Louisiana State University, School of Library and Information Sciences

Adelaide Fletcher, currently a librarian at the Denver Medical Library, Presbyterian / St. Luke’s Medical Library in Denver, Colorado and formerly a student at Louisiana State University, School of Library and Information Sciences in Baton Rouge, Louisiana, discusses her Hurricane Katrina experience from August 2005.

Interview date: June 8th, 2007

Questions:

(1.) What happened in your community (i.e., what was the disaster/emergency)?

I was a student at Louisiana State University’s School of Library and Information Sciences when Hurricane Katrina swept through the gulf coast. At the time, I was in Baton Rouge. But, I ended up volunteering at The Lamar Dixon Expo Center in Gonzales (about half way between Baton Rouge and New Orleans). The Expo Center filled with more than 1800 evacuees from New Orleans after the levees broke.

(2.) How did the library respond? How did the librarian respond? Were there non-traditional (unusual) roles that the librarian performed?

I volunteered at the Expo Center, doing whatever was required. I provided “general support,” getting people toothbrushes, basic supplies, etc… It was while I was getting someone an aspirin that I stumbled upon the medical treatment area of the Expo Center. I saw a Physician’s Desk Reference (PDR) lying around and I asked the doctor if he wanted more reference materials. He asked for a Merck Manual and three Washington Manuals.

I posted a request for books to the medical libraries listserv, MEDLIB-L and three other listservs. Well, the email was forwarded and forwarded … And the books came and came … They all came to my home. It was a tremendous response! The medical librarians sent some great books – much better than the ones I originally requested. I tried to send as many thank you notes as I could, but there were just too many donations. Some of the books were unsuitable (like a 1965 Merck Manual), but I had more than enough to build a collection in the shelter.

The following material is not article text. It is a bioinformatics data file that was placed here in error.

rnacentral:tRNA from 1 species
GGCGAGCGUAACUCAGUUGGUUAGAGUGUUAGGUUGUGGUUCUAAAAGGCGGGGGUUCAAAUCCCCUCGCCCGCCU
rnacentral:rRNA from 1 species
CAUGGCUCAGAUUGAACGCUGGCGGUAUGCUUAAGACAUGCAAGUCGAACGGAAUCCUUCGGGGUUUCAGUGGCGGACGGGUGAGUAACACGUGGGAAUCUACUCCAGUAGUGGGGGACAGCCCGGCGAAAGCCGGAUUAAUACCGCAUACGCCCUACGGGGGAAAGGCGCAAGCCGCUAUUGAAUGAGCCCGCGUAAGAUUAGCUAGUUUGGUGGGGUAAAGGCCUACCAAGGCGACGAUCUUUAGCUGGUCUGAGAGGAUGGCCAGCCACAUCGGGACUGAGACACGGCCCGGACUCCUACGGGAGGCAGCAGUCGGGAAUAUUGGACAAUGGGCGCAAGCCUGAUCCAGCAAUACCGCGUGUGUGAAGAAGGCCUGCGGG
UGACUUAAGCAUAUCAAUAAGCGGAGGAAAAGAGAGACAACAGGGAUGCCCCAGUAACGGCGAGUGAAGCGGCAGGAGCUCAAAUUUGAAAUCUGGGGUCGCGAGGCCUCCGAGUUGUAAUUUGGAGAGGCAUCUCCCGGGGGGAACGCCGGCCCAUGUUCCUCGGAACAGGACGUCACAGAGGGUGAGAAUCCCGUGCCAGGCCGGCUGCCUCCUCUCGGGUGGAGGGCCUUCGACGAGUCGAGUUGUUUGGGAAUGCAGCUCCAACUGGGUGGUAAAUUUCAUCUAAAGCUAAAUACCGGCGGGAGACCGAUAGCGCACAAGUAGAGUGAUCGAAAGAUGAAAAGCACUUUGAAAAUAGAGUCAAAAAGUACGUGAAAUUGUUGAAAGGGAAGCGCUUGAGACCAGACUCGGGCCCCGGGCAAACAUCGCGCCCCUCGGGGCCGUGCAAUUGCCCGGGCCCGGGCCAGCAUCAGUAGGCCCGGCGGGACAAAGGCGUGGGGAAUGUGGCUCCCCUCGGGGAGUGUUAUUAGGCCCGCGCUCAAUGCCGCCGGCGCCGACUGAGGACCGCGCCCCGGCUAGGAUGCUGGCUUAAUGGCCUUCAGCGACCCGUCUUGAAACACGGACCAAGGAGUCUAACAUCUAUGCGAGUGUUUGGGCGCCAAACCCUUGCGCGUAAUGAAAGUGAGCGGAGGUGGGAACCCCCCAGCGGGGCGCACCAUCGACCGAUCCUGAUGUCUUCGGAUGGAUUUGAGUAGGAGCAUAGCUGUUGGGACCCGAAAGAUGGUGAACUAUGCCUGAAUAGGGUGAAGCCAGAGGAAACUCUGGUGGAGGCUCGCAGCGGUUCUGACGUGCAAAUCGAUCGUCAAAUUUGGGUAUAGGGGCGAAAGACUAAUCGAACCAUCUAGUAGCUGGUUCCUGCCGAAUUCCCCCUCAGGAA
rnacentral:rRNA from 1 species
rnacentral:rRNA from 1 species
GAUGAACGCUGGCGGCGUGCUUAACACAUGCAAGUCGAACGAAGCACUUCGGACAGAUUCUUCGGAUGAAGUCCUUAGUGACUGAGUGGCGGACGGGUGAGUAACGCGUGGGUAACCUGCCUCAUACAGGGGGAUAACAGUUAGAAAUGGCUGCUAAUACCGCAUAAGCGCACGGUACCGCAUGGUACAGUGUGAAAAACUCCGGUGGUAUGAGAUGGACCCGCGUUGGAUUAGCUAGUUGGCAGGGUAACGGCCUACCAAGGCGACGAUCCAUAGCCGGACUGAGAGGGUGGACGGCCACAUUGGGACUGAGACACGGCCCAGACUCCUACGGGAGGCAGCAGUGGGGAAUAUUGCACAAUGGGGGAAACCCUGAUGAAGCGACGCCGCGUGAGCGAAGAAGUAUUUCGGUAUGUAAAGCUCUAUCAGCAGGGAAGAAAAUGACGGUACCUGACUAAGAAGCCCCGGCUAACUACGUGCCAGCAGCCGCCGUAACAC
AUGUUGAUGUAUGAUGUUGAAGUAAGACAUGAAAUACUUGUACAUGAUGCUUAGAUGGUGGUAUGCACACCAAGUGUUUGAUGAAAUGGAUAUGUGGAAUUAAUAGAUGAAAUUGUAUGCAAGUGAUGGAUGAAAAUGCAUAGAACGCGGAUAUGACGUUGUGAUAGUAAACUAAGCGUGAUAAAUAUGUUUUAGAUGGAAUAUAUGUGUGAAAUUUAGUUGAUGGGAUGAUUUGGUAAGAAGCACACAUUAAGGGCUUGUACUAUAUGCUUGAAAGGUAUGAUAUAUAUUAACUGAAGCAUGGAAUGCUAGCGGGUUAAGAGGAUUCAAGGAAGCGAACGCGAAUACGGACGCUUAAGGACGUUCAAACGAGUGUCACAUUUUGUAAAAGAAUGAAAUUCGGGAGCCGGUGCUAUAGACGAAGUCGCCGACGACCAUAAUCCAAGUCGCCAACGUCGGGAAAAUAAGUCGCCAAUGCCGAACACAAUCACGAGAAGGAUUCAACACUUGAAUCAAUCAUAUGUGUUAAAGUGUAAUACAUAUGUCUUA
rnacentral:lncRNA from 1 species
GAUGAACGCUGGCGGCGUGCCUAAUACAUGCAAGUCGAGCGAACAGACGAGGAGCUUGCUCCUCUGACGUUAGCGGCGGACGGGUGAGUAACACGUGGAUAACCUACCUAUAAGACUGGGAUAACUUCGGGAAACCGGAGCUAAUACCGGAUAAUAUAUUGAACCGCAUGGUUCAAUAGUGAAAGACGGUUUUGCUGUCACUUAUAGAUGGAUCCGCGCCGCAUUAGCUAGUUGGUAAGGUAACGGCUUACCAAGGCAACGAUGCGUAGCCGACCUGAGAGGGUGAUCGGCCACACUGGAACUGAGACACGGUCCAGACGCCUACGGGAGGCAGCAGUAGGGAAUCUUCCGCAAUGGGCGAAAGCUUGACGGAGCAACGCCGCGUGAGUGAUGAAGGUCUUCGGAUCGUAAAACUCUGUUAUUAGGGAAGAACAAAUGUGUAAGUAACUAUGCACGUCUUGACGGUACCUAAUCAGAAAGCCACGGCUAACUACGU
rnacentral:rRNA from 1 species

I tried my best to distribute the extra books but it was an absolute nightmare getting around at that time. Also, I didn’t know where the other shelters were located. Later, I ended up donating materials to under funded local hospital libraries in Southeast Louisiana.. I worked with my friend Becky Hebert, an outreach librarian for the Mid Atlantic Chapter of the National Network of the Libraries of Medicine (NN/LM). She and I tried to supply shelter health care providers with computers, Internet connections and volunteer librarians to do distance searching. Her husband worked in IT and he helped get a bunch of free computers. Unfortunately, most of those computers weren’t used because they had Linux as an operating system and people couldn’t fill out their FEMA forms unless they had Internet Explorer. But, people needed to get online. Eventually, FEMA provided a few lap tops. These helped a bit with reference and searching for people, but they were mostly used by kids to play games. I worked a bit helping people use the computers, especially since many were unfamiliar with the use of a mouse and keyboard. Web 2.0 responded in a big way; but, it could only go so far. People on the ground were unable to take full advantage of blogs and wikis, etc… because they didn’t have:

1. the connectivity

2. the computer skills

3. the knowledge of what was out there to help them.